American International Group accepted a $2.16bn cash offer for its Taiwan Nan Shan Life unit from a group led by local conglomerate Ruentex, marking the beginning of the end of a drawn-out process fraught with political wrangling.
AIG has been trying to sell the unit for some 15 months as part of its plans to help pay back the US government for its $180bn bailout, but regulatory issues have dogged the sale process and might yet delay it further.
The buyer group, called Ruen Chen Investment and comprising Ruentex Industries and shoe maker Pou Chen Corp, signed a deal yesterday for the 97.57 percent of Nan Shan that is for sale, Ruentex said in a statement to the Taiwan stock exchange.
"Ruen Chen offers strong operational and funding capabilities and possesses a clear ability to satisfy the strict criteria that governed AIG's bid review process," said Robert Benmosche, AIG president and chief executive.
AIG had a deal worth $2.15bn last year blocked by the regulator, citing concerns about the previous bidders' industry experience. That forced AIG to put the asset back on sale and prompted Mr Benmosche to personally visit the regulators in December to discuss the sale.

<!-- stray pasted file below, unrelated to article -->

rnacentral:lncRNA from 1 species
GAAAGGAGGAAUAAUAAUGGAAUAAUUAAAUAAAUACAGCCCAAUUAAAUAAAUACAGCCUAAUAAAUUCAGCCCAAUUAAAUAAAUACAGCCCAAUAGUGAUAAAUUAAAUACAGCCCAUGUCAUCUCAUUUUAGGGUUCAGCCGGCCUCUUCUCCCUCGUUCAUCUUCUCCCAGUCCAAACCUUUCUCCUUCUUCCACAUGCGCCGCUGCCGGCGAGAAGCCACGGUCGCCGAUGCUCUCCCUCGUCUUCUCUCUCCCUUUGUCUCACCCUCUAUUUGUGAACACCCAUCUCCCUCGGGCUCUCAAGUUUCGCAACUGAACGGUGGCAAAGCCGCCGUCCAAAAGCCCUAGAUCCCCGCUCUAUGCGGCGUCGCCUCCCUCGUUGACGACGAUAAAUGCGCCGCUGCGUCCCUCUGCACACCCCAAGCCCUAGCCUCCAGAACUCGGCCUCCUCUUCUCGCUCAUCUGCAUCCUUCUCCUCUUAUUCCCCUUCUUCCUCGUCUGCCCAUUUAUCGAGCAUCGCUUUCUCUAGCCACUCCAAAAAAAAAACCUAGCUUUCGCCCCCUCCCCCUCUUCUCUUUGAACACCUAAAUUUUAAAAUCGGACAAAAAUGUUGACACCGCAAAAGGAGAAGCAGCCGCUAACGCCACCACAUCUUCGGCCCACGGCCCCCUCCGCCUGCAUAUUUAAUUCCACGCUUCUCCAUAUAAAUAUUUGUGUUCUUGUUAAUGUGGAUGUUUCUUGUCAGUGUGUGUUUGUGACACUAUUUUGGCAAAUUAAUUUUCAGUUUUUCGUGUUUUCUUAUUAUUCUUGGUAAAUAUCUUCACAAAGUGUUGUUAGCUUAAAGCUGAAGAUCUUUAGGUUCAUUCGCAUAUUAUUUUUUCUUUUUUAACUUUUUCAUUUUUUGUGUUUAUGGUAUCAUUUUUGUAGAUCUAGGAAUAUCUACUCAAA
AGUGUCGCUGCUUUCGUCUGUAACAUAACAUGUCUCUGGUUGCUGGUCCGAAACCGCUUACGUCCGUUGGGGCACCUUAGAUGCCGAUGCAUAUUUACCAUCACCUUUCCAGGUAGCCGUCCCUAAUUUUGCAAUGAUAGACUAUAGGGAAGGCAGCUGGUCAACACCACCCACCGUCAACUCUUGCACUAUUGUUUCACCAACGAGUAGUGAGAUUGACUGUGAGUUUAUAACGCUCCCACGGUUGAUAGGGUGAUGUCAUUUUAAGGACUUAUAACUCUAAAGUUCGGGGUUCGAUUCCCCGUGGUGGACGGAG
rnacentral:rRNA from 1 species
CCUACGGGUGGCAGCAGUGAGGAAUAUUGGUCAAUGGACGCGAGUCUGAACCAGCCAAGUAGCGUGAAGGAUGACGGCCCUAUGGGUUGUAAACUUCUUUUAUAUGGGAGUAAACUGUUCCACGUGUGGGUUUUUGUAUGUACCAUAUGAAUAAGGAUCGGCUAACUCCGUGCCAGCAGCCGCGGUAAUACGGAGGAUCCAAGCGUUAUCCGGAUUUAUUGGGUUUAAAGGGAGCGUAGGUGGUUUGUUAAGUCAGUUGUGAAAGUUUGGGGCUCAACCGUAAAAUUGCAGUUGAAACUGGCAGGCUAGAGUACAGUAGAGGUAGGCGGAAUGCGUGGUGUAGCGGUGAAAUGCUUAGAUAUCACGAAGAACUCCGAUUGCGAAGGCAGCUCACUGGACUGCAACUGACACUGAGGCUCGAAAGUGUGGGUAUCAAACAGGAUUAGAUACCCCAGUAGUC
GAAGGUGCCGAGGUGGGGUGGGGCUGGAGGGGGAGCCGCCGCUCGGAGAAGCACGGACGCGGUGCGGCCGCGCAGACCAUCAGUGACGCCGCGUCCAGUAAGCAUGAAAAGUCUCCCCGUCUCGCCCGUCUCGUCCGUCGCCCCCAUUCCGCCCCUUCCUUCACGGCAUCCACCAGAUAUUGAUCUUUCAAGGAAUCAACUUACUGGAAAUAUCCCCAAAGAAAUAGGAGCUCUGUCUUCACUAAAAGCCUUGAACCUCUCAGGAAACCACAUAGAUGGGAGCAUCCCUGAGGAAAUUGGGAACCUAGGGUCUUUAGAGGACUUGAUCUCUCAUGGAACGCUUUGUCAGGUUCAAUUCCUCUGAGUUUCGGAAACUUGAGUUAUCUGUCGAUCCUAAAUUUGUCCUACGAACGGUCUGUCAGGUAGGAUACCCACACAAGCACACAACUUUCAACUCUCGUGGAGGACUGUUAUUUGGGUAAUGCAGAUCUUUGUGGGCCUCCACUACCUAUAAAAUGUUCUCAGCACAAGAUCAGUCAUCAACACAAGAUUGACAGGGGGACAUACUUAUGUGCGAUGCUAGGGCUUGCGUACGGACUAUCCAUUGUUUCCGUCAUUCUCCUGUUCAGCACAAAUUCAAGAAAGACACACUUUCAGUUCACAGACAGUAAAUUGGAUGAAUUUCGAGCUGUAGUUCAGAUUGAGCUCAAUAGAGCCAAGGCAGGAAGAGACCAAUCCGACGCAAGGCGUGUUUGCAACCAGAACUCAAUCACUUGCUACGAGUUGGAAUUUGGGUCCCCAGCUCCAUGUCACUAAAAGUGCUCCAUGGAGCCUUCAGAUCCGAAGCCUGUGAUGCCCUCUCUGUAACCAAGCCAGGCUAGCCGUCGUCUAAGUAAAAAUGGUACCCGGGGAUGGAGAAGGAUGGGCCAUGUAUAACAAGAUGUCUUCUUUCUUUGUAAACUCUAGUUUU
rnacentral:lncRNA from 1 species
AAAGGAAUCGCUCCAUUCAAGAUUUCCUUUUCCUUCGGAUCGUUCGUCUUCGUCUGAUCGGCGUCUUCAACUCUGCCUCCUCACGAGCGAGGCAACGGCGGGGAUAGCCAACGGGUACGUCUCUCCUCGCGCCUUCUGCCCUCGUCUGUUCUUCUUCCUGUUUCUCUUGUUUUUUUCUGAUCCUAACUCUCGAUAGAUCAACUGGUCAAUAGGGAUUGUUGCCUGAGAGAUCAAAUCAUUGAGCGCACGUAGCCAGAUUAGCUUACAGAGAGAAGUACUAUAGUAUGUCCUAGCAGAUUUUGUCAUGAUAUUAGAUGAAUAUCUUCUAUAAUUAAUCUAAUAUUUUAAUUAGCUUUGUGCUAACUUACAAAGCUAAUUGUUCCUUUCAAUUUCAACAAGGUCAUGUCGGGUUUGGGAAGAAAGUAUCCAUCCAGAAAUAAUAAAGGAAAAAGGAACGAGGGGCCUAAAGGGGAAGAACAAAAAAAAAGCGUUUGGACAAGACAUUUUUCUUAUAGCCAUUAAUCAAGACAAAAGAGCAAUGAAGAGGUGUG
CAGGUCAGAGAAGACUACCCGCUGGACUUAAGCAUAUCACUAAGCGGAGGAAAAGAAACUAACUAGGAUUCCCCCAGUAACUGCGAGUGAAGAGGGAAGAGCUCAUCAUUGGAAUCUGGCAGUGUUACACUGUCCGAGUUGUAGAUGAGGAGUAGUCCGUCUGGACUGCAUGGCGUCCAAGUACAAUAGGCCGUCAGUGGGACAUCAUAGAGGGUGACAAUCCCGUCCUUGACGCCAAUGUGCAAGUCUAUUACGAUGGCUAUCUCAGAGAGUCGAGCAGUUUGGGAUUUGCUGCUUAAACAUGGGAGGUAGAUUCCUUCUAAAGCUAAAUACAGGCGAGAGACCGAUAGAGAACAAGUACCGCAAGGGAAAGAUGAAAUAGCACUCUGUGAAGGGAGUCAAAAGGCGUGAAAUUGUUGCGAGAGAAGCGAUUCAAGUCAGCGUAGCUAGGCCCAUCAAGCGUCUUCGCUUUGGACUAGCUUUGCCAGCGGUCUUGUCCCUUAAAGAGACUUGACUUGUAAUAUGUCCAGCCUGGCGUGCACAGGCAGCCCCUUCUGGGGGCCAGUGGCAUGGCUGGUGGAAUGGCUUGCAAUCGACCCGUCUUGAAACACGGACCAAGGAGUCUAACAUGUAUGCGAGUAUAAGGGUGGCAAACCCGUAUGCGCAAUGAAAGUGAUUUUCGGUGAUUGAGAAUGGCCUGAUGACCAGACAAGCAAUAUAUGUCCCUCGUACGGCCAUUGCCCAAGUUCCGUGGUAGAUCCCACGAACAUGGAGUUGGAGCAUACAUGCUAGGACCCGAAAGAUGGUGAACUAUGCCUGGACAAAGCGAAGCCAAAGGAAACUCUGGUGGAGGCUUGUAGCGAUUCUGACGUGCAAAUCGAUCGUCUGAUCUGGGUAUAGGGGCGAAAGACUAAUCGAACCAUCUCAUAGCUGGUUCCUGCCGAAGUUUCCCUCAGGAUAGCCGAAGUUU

Sources have previously said that Ruentex, a major player in the hypermarket business in China and Taiwan, may not meet all of the five criteria the regulator has laid down for a buyer.
Those criteria are that any buyer needs to show fundraising ability for future operations, a long-term commitment to run Nan Shan, experience in running an insurance business, and must promise to take care of employees and policyholders.
It must have funding sources that meet Taiwan regulations. Ruentex Chairman Samuel Yin has owned and run insurance and asset management businesses in the past, but has since sold them at a profit. The regulator, seeking a long-term stable owner, in general does not approve of buying assets just for resale.